When I’m out on construction sites, many time I see guys cutting concrete without wetting the saw to keep the dust down and I immediately remove myself from the area and put on my dust mask. Often, a dusk mask to the guys cutting the concrete and surprisingly most of the time they refuse the mask. I know how the dust can affect your body (lungs) but I’m not quite sure if people understand or care about what can happen to them later on in life. I posted this article below, form 2017 that explain the changes in the silica rules.
After a few legal fits and starts, as well as extra time for review and input, the Occupational Safety and Health Administration’s new silica standard for construction is scheduled to go into effect on Sept. 23, 2017.
What that means is contractors who engage in activities that create silica dust — that is, respirable crystalline silica — such as by cutting, grinding or blasting materials like concrete, stone and brick, must meet a stricter standard for how much of that dust workers inhale. The same goes for employers of tradespeople working around such activities.
The new standard also specifies what services employers must make available to workers who are exposed to high levels of silica dust and the training required of those who are at risk.
Inhaling silica dust can lead to silicosis, an incurable lung disease that can be fatal if severe enough. Those with too much silica exposure can also develop lung cancer, kidney disease and chronic obstructive pulmonary disease.
This isn’t the first time OSHA has attempted to limit exposure to breathable silica. The standard slated to go into effect next month will take over forOSHA’s first silica standard, which was issued in 1971 when the Department of Labor first established the agency. The DOL has been studying silica dust and its relationship to worker deaths since the 1930s.
The existing standard requires that silica dust particles, which are 100 times smaller than sand granules, be limited to 250 micrograms per cubic meter of air over an average of eight hours — the hours of a typical work shift. The new standard reduces that to 50 micrograms over the same time period.
OSHA introduced the new standard in 2013, but some OSHA officials have been advocating for a silica rule change for at least 20 years, according to Joseph Paranac Jr., a Newark, NJ–based attorney with the law firm LeClairRyan. “Sometimes it takes a lot of pressure to get them to issue a new standard,” he said.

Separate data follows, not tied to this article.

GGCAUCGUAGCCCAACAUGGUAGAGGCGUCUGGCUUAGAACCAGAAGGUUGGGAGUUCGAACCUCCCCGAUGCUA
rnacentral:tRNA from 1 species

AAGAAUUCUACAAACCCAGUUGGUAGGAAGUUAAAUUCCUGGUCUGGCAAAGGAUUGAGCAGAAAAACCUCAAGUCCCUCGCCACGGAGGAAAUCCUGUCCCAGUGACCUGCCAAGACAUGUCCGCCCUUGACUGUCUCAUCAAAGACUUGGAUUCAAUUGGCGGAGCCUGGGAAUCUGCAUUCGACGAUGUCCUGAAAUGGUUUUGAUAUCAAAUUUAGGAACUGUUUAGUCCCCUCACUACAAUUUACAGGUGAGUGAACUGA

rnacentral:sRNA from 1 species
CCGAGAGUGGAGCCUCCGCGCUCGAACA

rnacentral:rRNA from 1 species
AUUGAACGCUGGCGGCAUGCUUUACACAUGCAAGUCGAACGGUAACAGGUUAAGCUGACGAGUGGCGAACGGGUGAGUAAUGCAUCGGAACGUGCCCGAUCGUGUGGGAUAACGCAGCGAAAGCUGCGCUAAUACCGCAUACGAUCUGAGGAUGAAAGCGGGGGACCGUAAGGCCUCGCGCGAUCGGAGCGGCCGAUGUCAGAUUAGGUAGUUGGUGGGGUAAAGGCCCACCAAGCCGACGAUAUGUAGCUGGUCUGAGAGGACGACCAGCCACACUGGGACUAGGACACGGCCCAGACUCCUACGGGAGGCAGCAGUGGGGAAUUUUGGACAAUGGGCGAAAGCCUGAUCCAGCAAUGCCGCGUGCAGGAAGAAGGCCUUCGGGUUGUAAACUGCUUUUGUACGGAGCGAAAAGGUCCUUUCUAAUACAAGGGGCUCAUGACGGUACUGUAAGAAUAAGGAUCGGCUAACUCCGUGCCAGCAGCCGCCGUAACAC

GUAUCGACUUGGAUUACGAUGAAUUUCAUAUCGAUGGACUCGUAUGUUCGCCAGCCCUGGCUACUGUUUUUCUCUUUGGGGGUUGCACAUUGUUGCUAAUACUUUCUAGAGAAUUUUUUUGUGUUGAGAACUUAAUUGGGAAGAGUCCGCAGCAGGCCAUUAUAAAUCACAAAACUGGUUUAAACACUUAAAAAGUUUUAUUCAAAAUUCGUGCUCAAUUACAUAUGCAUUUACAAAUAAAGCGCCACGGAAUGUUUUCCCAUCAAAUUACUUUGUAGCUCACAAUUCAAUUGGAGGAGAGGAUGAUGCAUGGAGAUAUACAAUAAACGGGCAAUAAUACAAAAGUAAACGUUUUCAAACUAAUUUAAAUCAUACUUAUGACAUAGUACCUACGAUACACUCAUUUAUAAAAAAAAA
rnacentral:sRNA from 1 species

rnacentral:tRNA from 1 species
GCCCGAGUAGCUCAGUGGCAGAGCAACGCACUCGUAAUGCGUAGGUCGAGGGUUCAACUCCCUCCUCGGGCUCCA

Those who do not comply with the new standard will be subject to a maximum fine of $12,675 for a serious or other-than-serious violation; $12,675 per day past the abatement date for a failure-to-abate violation; and $126,749 for a repeated or willful violation.
What implementation entails
OSHA has been on the receiving end of pressure from construction industry groups that claim the standard’s cost of implementation and technological limitations will put too big a burden on contractors. They also argue that some parts of the standard — like measuring the new exposure limit — are nearly impossible to implement.
In addition to the exposure limits, the new rules require contractors to:
- Develop a written silica exposure control plan.
- Designate someone to implement the plan.
- Adjust housekeeping practices to maximize control of silica dust.
- Provide medical exams every three years to employees who are exposed to silica to the point of having to wear a respirator for 30 days or more each year. The exams must include lung-function tests and chest X-rays.
- Train workers on how to limit exposure to silica.
- Keep records of workers’ silica exposure and related medical treatment.
Implementing the new rules requires an initial assessment of how much silica dust a company’s operations generate, Paranac said. If the reading falls below the level of 25 micrograms, then the company is not required to provide medical tests, develop a written plan or undertake any of the suggested engineering controls. The latter include wearing respirators and either wetting work down with tools like a wet saw or using a vacuum device to reduce the volume of dust.